Cold hands can be unbearable for runners during the winter months. Not only can cold weather lead to Raynaud's, but arthritic conditions are also particularly susceptible to cold weather, making it hard to manipulate fueling packets, zippers, fasteners, GPS watches, and audio controls. Keeping hands warm and operational during training is crucial to ensure peak performance and enjoyment during cold weather runs.
What is Raynaud's?
Raynaud's can be divided into two categories: primary and secondary. Primary Raynaud's, the most common, has no known cause. It typically affects women more so than men and often presents in people in their mid-30s and younger. Secondary Raynaud's is usually related to another health concern or autoimmune disease. It's vital that runners with an underlying health condition, and experiencing symptoms suspected to be Raynaud's, receive consultation from a health professional because continued exposure to cold weather can cause damage to blood vessels of the hand and wrist.
Raynaud's is a result of the body's attempt to protect itself from the cold by restricting blood flow to the limbs and surface of the skin and redirecting blood deeper within the body to maintain core temperatures.
Raynaud's tends to be more prevalent in the fingers and hands of runners, but it can also present in feet, which is why it's so important to dress appropriately for the elements. Symptoms can develop quickly once the body is exposed. Once superficial blood vessels constrict (narrow), it can take a while for adequate blood flow and warmth to return. Runners may observe coloration changes in their fingers and hands. The numbness and stiffness that follows can make it difficult to manipulate objects while on the run.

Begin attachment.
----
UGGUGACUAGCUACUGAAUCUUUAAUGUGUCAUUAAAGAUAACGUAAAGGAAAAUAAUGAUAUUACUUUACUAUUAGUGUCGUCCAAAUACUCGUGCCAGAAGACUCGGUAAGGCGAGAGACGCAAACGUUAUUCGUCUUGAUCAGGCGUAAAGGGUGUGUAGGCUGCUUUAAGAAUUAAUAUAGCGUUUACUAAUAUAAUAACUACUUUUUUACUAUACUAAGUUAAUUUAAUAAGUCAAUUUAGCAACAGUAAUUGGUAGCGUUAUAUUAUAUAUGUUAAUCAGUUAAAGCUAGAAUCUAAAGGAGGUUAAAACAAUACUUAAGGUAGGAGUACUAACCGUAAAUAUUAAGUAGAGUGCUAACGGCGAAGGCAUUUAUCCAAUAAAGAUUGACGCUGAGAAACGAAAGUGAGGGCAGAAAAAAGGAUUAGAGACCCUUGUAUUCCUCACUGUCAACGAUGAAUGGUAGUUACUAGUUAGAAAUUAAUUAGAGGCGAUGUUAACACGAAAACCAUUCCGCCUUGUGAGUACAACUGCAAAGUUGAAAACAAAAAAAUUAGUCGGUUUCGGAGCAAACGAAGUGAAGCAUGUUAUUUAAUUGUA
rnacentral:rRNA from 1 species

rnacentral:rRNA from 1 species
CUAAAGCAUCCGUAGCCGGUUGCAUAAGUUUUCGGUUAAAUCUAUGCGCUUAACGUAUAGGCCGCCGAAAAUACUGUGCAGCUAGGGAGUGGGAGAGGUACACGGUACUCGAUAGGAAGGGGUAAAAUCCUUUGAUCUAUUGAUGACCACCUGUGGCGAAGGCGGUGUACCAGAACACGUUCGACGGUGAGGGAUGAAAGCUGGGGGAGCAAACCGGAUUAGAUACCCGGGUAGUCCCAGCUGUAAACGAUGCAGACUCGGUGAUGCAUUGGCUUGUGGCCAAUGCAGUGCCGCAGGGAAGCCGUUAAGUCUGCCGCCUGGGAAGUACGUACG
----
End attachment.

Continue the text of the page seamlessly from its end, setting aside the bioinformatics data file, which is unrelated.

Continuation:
Image by: Harvard Health Publishing
After symptoms of Raynaud's have set in, it's essential to warm the affected parts of the body slowly. It's common to experience tingling, swelling, and burning sensations as blood flow returns. After returning from your run, begin by running lukewarm water over the affected area. Slowly increase the temperature of the water as the tingling and burning sensations subside.
How to prevent Raynaud’s
Proper gloves and layering are a must when training in cold weather. While many running gloves boast the ability to protect runners from elements, be mindful that gloves are often designed to protect in specific circumstances, and one pair of running gloves won’t adequately protect runners throughout all the weather variations of the winter season.
Considerations before you purchase running gloves?
Gloves vs. Mittens
Gloves offer the most versatility and dexterity and are ideal for training sessions that require manipulating fueling packets and GPS controls. However, gloves are historically less insulated and provide less warmth than mittens. In weeks leading up to the winter season, gloves may be perfect for mild, chilly temperatures, but runners with a history of Raynaud’s still might need to consider using mittens or mitten variations to protect from the elements.